Minimum Energy Efficiency Rules for your Property

As from the 1 April 2018, landlords and property owners need to be even more alert to how energy efficient their property is.  The Energy Efficiency (Private Rented Property) (England and Wales) Regulations 2015 has established a minimum standard energy efficiency rating for all domestic and non-domestic properties that are let to tenants.

The energy efficiency rating of a property is calculated and recorded in an Energy Performance Certificate (EPC) which rates properties from band A to band G, with A being the most energy efficient.

The minimum standard rating imposed by the new regulations means that from 1 April 2018, landlords of privately rented domestic and non-domestic properties may not grant a tenancy to new or existing tenants if their property has an EPC rating of band F or G.  The current minimum rating is E.

Properties with a rating of F or G are classed as ‘sub-standard’.  Sub-standard does not reflect the structural or decorative state of a property.

Landlords will face financial penalties, which are to be imposed by local councils, if they grant a new tenancy (whether that be to a new or existing tenant) after 1 April 2018 where their property is sub-standard.  Therefore, landlords will need to consider making improvements to their property to increase its energy efficiency before they let it.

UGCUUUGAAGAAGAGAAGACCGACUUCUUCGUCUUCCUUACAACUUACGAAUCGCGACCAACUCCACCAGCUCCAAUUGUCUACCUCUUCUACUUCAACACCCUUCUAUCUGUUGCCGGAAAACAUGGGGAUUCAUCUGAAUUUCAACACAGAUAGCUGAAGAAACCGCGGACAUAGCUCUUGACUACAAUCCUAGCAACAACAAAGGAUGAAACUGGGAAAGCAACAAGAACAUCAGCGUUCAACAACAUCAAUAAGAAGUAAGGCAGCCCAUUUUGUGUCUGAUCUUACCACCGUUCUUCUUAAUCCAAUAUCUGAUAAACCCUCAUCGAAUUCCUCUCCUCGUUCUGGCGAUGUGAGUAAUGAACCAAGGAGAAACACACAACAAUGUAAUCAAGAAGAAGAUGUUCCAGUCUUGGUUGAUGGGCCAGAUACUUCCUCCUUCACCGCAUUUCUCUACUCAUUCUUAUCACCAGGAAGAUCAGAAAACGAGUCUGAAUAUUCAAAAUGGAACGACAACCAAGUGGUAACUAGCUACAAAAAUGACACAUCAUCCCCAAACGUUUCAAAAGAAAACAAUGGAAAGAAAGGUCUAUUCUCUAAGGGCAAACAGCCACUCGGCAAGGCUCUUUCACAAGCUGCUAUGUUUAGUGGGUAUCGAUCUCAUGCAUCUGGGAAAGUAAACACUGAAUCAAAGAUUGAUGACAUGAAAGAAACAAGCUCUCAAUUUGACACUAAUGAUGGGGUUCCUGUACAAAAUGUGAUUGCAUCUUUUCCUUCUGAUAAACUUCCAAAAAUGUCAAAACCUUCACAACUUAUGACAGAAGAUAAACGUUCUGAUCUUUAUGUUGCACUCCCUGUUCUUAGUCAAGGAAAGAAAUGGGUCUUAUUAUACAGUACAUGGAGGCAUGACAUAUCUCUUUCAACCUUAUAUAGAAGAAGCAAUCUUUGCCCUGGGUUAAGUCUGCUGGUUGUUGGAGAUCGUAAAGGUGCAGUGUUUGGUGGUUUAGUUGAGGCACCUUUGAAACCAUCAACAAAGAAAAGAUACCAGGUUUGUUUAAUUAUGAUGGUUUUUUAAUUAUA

However, if a landlord of a sub-standard property already has a tenant in place and the tenancy agreement does not need to be renewed, then the landlord will have longer to make improvements to their property.  For domestic properties, this date is 1 April 2020 but for non-domestic properties the date is 1 April 2023.

If your property is still below the minimum standard at that date you must not be continue to let it, even to existing tenants.  There are some exemptions that a landlord may be able to comply with.  For example, the new regulations do not apply to all properties as some listed buildings and some holiday lets will be exempt.

The regulations pose obvious problems for landlords who could be left with properties they can no longer lawfully let.  On top of this, tenants may find that they can no longer lawfully let their house or business premises from their landlord.

EPCs are valid for 10 years, but if works are carried out to improve the rating of a property then a new EPC can be commissioned.

Our team at Temple Heelis can provide you with advice on your property, whether you are a tenant or a landlord or thinking of becoming one. We can review your existing tenancy agreement, assist with drafting a new agreement and advise on when an EPC is required.  We recommend seeking legal advice at the earliest possible opportunity, therefore please call and speak to a member of our residential or commercial property department today.

Yasmin Blamire – 01539 816425

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